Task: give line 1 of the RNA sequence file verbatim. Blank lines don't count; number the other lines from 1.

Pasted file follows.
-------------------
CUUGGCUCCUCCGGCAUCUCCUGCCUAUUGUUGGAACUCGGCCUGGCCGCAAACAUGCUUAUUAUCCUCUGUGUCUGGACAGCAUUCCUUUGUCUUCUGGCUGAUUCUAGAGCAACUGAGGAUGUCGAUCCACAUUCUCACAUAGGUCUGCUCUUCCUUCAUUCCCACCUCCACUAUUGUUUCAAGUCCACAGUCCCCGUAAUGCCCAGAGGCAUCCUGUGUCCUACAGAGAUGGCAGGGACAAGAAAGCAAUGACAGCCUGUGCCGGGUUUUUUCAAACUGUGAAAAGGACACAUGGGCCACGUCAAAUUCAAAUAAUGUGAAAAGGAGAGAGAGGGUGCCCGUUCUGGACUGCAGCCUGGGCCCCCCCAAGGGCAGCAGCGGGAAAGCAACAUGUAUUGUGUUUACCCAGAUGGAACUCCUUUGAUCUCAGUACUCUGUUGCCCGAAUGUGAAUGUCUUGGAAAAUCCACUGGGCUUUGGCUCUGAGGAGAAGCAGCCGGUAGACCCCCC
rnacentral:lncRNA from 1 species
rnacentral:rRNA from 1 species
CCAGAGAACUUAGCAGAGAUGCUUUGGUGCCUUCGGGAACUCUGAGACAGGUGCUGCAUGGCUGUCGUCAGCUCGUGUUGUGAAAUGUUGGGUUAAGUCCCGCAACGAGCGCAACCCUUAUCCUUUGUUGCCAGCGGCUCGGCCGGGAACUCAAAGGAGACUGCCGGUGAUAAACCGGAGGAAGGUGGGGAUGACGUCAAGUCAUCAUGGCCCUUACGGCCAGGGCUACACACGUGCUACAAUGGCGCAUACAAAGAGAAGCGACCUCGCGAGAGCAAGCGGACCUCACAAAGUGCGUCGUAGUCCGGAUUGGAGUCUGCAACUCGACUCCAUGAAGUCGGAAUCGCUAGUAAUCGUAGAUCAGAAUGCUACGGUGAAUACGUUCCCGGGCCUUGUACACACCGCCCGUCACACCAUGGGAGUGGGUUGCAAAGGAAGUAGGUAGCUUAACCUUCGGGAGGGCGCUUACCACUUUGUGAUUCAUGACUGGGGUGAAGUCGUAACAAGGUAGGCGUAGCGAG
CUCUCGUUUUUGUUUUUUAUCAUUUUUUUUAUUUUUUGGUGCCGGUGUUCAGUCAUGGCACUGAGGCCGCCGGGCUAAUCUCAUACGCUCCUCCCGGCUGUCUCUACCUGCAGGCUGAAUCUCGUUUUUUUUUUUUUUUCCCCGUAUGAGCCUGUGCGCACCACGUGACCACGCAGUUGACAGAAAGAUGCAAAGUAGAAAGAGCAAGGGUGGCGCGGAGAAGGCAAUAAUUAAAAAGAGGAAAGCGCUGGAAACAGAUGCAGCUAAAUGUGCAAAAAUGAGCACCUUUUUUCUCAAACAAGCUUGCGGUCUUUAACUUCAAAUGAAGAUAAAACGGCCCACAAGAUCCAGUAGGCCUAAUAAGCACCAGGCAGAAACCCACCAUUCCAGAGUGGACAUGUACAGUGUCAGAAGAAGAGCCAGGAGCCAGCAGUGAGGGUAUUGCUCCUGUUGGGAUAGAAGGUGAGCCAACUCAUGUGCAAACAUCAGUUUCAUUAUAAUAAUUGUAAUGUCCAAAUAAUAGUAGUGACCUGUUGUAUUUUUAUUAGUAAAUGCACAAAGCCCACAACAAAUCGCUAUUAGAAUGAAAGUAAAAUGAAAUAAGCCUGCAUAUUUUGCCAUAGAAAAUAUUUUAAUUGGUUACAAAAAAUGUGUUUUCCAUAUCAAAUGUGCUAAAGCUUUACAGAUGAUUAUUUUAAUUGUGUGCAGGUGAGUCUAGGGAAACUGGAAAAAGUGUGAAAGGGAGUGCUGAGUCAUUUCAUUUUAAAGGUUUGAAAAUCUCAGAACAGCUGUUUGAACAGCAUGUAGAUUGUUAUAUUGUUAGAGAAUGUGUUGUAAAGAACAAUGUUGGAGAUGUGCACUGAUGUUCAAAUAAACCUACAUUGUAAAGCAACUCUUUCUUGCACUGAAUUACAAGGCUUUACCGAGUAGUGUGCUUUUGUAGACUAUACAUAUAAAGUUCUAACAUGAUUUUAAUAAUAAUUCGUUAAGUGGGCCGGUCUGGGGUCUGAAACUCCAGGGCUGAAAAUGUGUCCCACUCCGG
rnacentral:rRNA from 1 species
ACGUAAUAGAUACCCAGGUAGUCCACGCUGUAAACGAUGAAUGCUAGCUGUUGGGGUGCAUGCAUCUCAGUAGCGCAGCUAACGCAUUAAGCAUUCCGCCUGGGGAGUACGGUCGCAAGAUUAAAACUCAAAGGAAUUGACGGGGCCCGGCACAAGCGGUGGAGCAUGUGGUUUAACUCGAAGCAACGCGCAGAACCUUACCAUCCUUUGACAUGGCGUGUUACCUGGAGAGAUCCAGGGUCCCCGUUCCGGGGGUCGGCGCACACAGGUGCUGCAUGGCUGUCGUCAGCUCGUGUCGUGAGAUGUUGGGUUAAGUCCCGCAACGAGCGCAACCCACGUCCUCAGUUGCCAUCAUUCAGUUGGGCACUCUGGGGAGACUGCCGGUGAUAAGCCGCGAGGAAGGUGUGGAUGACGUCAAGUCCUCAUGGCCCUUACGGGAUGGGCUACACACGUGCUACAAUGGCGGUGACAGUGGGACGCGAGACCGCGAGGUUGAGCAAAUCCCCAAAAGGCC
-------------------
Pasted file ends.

CUUGGCUCCUCCGGCAUCUCCUGCCUAUUGUUGGAACUCGGCCUGGCCGCAAACAUGCUUAUUAUCCUCUGUGUCUGGACAGCAUUCCUUUGUCUUCUGGCUGAUUCUAGAGCAACUGAGGAUGUCGAUCCACAUUCUCACAUAGGUCUGCUCUUCCUUCAUUCCCACCUCCACUAUUGUUUCAAGUCCACAGUCCCCGUAAUGCCCAGAGGCAUCCUGUGUCCUACAGAGAUGGCAGGGACAAGAAAGCAAUGACAGCCUGUGCCGGGUUUUUUCAAACUGUGAAAAGGACACAUGGGCCACGUCAAAUUCAAAUAAUGUGAAAAGGAGAGAGAGGGUGCCCGUUCUGGACUGCAGCCUGGGCCCCCCCAAGGGCAGCAGCGGGAAAGCAACAUGUAUUGUGUUUACCCAGAUGGAACUCCUUUGAUCUCAGUACUCUGUUGCCCGAAUGUGAAUGUCUUGGAAAAUCCACUGGGCUUUGGCUCUGAGGAGAAGCAGCCGGUAGACCCCCC